Grantham Scholars Jonas Cromwell and Eunice Oppon work on Defra funded Sheffield Food Works project about food waste.
Food Works is a Sheffield based project that upcycles surplus and locally grown ingredients. Recently, they won a Defra grant to look at Food Waste. And they reached out to 2 of our Scholars to help with this work. Now this report is available to read.
Both Jonas Cromwell and Eunice Oppon are experts in food waste. Recently they worked with a local school to help reduce their waste. Now they have used their knowledge to help find a better definition for the resource value of food.
The importance of the environmental impact of food meant they chose an approach using embodied emissions as a proxy for the resource value of food. Plus they used an alternative measurement of impact of redistribution. This method (see appendix 2) has been used in the second and third reporting phase of the project.
Jonas and Eunice said: ‘We are thrilled that as sustainability scholars we have been able to make small but significant contributions to a non-for-profit organisation in the fight against food waste and hunger. And, that we have improved the Food Works reporting protocol for the project funded by Defra.’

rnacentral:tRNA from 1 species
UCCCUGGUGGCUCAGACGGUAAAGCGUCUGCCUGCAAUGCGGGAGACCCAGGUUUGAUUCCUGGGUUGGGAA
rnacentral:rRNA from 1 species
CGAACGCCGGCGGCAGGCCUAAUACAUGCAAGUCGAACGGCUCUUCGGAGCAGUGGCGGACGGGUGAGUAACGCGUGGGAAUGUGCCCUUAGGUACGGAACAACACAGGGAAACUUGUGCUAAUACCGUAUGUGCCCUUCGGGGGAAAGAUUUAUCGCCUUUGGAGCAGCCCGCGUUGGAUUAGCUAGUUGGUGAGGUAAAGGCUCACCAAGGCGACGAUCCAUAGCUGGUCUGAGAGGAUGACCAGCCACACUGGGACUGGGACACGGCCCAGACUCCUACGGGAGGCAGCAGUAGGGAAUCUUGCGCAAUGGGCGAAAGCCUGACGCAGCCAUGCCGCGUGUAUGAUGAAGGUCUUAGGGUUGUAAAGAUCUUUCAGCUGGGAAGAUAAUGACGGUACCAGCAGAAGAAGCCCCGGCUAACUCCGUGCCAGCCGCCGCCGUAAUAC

To discover the real impact of Food Work operations, Jonas and Eunice modelled emissions from their resources, such as energy (fuel, gas and electricity) and water. Alongside this, they looked at emissions from food waste disposal to landfill or anaerobic digestion (AD) and animal feed (hilly farms).
Importantly, this means that Food Works can now report the ‘value of food’ in terms of the embodied greenhouse gas emissions saved by redistribution.
Overall, this approach is important because it does not only consider the social impact of the food redistribution but also the resource value of food. Plus it accounts for the organisation’s own environmental impact. Most surplus food redistribution focuses on the social value of food; this work provides an alternative measurement of the impact of redistribution.
If you want to know more, then you can read the full report here.
The University of Sheffield’s PREP scheme funded Jonah and Eunice’s work.
If you want to find out more about food redistribution, then read this interview with our volunteers at Food Hall.
Or, you can read Grantham Scholars Jonah and Eunice’s blog about food waste in schools.
After that, why not read how Grantham Scholar Gloria reduced food waste for Sheffield Students’ Union.
The main image shows Jonas Cromwell and Eunice Oppon during their project to reduce food waste in schools.